The 27 February 2010 Chilean earthquake generated a large transpacific tsunami and controversy as to what some have referred to as overly conservative warning issued for Hawaii and Japan. A rapid reconnaissance survey of the coastline of Chile and offshore islands of Santa Maria, Juan Fernandez and Easter, and the Marquesas in French Polynesia is under way with funding from the National Science Foundation and is being coordinated through UNESCO’s ITIC. The scientists are interviewing eyewitnesses to determine the local tsunami kinematics, i.e., polarity of the first arrival, interval between waves and which wave in the train was the largest- and the societal response. The team is measuring inundation distances and runup heights and will attempt to identify why the tsunami-related death toll in Chile is concentrated in a few specific locales. The questions that will be addresses is whether certain areas were tsunami traps and whether the observed runup height distribution around the Pacific was predictable, using existing numerical methods and forecast technology.
The following photographs are from the work of the team of Professor Catherine Petroff (Washington), Professor Patricio Catalan (Valparaiso), Thanassis Papadopoulos (Technical University of Crete) and Carl Eberling (Northwestern University).
In our view, the tsunami forecast provided by NOAA’s Pacific Marine Environmental Laboratory was fairly accurate and timely. The final forecast was available at 5:51am PST (over 8 hrs before expected landfall in Hawaii) and showed that the main tsunami wave would had sneaked through Hawaii and the Marquesas and would had minimal impact in Hawaii. This forecast should had resulted in a cancellation of the large scale evacuation of all Hawaiian islands. Based on the early forecasts, only Hilo and Kahului should had been evacuated as they were, elsewhere, only the beaches. This was the advice of most scientists experienced with tsunami models and real time forecasts. We do not agree with the argument used to justify this overly conservative evacuation as “better safe than sorry”. If the sole purpose of tsunami forecasts and evacuations is to save lives, we should be evacuating after every large earthquake. The only purpose of the warning centers is to help differentiate between the earthquakes whose tsunamis are likely to cause deaths at specific locales versus those that are destined to miss populated areas, by interpreting the real time forecasts that are now available, and have been fairly routine for several years. Overly conservative evacuations erode the credibility of tsunami warning systems worldwide, particularly when accompanied by dangling and careless statements to the media about the veracity of the scientific models. The last time there was such an overly conservative evacuation of Hawaii in 1986, it cost the Hawaiian economy US$30Million.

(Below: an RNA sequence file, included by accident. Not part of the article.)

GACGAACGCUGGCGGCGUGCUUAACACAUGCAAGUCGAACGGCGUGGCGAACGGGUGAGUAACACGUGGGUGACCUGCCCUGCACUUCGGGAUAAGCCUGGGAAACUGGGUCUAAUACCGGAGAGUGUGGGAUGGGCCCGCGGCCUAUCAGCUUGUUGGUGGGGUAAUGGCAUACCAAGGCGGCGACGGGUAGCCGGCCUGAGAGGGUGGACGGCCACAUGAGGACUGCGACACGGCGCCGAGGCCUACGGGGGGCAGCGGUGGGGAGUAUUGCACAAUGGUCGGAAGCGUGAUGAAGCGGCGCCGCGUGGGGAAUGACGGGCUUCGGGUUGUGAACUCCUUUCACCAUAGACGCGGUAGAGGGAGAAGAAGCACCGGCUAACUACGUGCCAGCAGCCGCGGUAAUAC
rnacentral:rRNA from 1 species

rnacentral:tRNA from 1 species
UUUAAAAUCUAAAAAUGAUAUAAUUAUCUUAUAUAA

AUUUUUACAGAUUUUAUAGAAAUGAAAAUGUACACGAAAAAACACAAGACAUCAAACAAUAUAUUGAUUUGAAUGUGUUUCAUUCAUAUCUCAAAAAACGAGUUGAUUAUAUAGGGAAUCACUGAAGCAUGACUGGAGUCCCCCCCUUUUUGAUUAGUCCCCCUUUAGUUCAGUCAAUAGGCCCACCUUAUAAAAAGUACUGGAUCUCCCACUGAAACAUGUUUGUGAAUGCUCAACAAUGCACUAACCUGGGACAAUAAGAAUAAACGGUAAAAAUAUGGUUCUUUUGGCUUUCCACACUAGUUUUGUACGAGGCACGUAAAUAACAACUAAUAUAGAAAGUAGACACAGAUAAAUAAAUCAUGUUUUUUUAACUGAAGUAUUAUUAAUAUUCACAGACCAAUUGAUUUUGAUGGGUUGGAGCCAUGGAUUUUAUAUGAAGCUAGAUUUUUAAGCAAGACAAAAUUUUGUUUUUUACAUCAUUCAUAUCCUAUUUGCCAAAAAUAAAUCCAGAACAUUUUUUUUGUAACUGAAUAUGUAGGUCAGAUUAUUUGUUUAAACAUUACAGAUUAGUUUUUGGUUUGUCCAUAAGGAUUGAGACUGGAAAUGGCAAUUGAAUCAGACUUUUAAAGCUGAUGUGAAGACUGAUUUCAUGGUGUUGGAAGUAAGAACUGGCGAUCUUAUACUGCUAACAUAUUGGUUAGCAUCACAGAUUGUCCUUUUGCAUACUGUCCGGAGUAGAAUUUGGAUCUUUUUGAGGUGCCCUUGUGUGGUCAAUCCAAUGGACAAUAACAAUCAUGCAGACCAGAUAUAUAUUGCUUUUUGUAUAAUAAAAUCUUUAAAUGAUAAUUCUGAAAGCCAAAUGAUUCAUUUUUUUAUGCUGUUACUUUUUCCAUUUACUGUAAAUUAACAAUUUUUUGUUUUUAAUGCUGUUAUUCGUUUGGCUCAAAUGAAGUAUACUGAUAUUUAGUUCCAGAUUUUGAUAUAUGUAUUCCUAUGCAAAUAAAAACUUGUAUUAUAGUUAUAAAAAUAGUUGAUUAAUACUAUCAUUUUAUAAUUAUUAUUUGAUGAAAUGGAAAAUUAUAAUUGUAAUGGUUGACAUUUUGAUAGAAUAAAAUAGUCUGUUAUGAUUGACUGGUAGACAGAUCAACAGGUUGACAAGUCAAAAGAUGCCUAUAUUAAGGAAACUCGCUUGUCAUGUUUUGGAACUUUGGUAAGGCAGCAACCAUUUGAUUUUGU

For the record, since 2006 NOAA-PMEL has this far issued five “correct” real time forecasts for farfield events without any even near misses. Why there was such a systems failure in the implementation of the forecast needs to be addressed. In the coming months, committees from the Department of Commerce and the National Research Council will be investigating the timeline and the reasoning behind this costly and unnecessary overly conservative evacuation.